IMHO: Metro exists to give MS' marketing dept the ability to says that MS has the same look and feel regardless of the device.
If MS made cars and trucks, both would have air breaks, a rolling back door (like you see on rigs) and attachments for child seats.

Re:End of Life for XP in General (0)

Anonymous Coward | about a year ago | (#45268945)

Seven does not suck, in fact it's marginally(not a lot, but somewhat) better than XP, provided you run it on a powerful enough machine.

Re:End of Life for XP in General (2)

sfm (195458) | about a year ago | (#45268623)

> There has been THREE full OS versions that have come out since XP

Don't you mean 2.5 ? Remember, Vista was on that list.

Re:End of Life for XP in General (0)

Anonymous Coward | about a year ago | (#45268953)

Vista (NT 6.0), Windows 7 (NT 6.1), Windows 8 (NT 6.2), and Windows 8.1 (NT 6.3)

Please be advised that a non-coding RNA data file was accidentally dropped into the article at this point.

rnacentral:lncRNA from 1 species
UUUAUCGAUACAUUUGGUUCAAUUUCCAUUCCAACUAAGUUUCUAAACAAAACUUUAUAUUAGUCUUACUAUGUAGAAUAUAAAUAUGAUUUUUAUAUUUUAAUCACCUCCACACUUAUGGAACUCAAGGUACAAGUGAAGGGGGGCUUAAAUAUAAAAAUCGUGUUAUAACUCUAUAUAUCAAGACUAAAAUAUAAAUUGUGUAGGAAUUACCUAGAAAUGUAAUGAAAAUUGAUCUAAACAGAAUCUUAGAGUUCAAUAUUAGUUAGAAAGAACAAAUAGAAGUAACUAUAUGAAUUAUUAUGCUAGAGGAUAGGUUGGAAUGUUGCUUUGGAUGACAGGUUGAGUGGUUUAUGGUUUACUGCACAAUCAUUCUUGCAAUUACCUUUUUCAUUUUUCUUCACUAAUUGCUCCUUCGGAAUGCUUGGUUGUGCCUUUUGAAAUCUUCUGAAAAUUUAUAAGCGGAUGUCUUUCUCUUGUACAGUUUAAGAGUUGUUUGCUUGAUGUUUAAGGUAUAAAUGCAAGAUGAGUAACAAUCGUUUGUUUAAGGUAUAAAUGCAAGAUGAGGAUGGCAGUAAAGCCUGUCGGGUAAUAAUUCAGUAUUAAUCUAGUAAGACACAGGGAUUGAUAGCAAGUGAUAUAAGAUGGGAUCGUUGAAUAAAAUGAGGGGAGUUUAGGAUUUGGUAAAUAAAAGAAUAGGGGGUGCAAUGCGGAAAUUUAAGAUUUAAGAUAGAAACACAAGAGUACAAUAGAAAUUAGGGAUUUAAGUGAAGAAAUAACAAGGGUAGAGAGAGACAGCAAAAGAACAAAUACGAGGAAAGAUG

THERE. ARE. FOUR. VERSIONS. (Cool trick: Slur your speech like Picard did, and it sounds like "virgins".)

Then again, the GP did say "full" versions, which means that there's actually only one version in the last 12 years (NT 5.x -> NT 6.x).

Before Linux is Recommended (0)

Anonymous Coward | about a year ago | (#45268501)

I'm not a Windows XP fanatic.

But before someone recommends that everyone go out and pick any old Linux distribution. People please qualify the recommendation.

If you have a machine that was powerful five years ago, sure use a new heavy distribution (Heavy = KDE, Unity, GNOME, Cinnamon). If you bought a cheap machine 3-5 years ago or an older machine. Recommend a lower impact distribution (Light = LXDE, XFDE, Mate, otherwise)

Linux isn't a solution for everyone, and some point we should recommend the machine just get backed up and recycled

Re:Before Linux is Recommended (2)

couchslug (175151) | about a year ago | (#45268785)

Puppy Linux is excellent on older hardware and fast on more recent boxes.

The motivation is to support Windows Server 2003 (3, Informative)

BUL2294 (1081735) | about a year ago | (#45268513)